Article

Portugal: Local Democracy in a Small Centralized Republic

José M. Magone

in The Oxford Handbook of Local and Regional Democracy in Europe

Published in print November 2010 | ISBN: 9780199562978
Published online January 2011 | | DOI: http://dx.doi.org/10.1093/oxfordhb/9780199562978.003.0017

Series: Oxford Handbooks in Politics & International Relations

Portugal: Local Democracy in a Small Centralized Republic

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  • Regional Political Studies
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Portugal is one of the most centralized countries of the European Union. It only became a genuine democracy after the Revolution of Carnations in 1974. Only then did local authorities and autonomous regions such as Madeira and Azores became genuine local governments, despite the still existing high level of centralization. Since the transformation of Portugal from authoritarian regime into democracy, several changes have taken place. Following the revolution there came the introduction of universal adult suffrage. This was followed by the forming of the Constituent Assembly and the ratification of the new constitution. The new constitution enshrined the establishment of democratically elected administrative regions, which would replace the districts. This allowed local authorities to engage in public-private partnership and allowed for the formation of inter-municipal cooperation. In spite of the success of the new constitution and democracy, Portugal is still battered by weak social capital, clientelism and patronage, and regionalization. All of these affect Portugal' process of achieving subnational democracy.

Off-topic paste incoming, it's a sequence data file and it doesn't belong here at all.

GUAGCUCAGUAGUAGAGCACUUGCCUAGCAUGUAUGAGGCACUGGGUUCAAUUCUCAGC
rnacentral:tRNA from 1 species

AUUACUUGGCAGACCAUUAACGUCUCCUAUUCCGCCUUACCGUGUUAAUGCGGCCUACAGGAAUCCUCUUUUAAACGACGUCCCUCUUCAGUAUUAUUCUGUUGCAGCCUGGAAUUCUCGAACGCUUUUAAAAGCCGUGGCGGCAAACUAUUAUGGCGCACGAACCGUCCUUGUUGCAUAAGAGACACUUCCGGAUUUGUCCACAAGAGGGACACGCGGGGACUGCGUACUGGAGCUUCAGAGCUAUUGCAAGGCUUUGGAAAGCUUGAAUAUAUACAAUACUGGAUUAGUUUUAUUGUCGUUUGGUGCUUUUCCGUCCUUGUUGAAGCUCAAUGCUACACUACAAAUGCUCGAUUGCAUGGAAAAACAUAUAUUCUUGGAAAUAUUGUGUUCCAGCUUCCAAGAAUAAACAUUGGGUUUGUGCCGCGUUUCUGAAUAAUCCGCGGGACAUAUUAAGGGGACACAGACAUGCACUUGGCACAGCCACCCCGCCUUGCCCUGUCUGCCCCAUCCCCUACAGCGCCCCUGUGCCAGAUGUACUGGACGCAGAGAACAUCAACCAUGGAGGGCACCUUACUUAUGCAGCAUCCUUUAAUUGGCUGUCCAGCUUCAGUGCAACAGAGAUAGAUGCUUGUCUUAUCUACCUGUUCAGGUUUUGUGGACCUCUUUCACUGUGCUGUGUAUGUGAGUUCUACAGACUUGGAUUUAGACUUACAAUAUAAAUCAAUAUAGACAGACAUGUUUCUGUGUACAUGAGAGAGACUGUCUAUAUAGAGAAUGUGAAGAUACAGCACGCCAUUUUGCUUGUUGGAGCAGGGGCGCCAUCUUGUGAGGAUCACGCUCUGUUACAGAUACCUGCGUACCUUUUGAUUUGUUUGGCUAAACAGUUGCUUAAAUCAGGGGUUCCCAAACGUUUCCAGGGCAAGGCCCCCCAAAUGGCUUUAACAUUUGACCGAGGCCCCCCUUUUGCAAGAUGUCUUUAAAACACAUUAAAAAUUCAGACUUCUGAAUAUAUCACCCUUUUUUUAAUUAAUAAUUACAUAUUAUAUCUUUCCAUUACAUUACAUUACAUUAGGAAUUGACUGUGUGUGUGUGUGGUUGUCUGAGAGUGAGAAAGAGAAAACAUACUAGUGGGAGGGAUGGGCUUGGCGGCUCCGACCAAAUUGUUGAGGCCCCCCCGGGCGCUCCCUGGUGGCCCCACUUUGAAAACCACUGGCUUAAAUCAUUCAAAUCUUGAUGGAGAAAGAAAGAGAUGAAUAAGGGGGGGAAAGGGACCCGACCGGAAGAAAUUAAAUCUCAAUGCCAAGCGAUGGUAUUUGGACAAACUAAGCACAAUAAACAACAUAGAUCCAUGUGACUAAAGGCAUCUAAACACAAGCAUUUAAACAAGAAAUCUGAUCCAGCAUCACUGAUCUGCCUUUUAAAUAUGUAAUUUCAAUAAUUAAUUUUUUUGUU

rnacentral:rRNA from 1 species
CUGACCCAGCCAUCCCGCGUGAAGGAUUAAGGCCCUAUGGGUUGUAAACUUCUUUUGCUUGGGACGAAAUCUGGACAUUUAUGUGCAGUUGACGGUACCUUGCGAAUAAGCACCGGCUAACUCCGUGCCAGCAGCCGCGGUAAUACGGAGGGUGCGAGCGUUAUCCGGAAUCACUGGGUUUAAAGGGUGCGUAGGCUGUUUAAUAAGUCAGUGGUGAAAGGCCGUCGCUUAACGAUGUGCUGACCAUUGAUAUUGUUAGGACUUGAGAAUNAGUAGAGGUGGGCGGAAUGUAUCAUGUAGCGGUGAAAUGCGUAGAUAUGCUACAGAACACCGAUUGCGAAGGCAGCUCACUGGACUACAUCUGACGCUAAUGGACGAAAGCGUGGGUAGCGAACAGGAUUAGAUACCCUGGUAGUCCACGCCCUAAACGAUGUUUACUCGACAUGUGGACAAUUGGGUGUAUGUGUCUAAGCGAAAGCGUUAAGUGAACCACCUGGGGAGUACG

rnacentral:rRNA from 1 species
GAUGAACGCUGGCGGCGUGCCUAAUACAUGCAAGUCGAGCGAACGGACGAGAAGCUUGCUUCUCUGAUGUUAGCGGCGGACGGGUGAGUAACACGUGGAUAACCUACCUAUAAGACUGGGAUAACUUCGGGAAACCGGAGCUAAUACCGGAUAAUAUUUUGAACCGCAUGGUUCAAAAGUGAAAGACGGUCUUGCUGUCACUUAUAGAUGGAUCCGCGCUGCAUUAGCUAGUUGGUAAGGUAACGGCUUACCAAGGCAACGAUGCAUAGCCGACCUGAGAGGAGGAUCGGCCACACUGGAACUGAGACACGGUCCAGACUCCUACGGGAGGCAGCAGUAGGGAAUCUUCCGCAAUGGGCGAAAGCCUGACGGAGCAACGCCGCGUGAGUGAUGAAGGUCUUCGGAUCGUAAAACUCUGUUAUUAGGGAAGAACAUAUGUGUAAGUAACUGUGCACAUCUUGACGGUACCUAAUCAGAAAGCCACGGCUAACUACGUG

Keywords: Portugal; European Union; Revolution of Carnations; Madeira; Azores; democracy; subnational democracy; autonomous regions; local governments

Article.  8710 words. 

Subjects: Politics ; Regional Political Studies ; Comparative Politics

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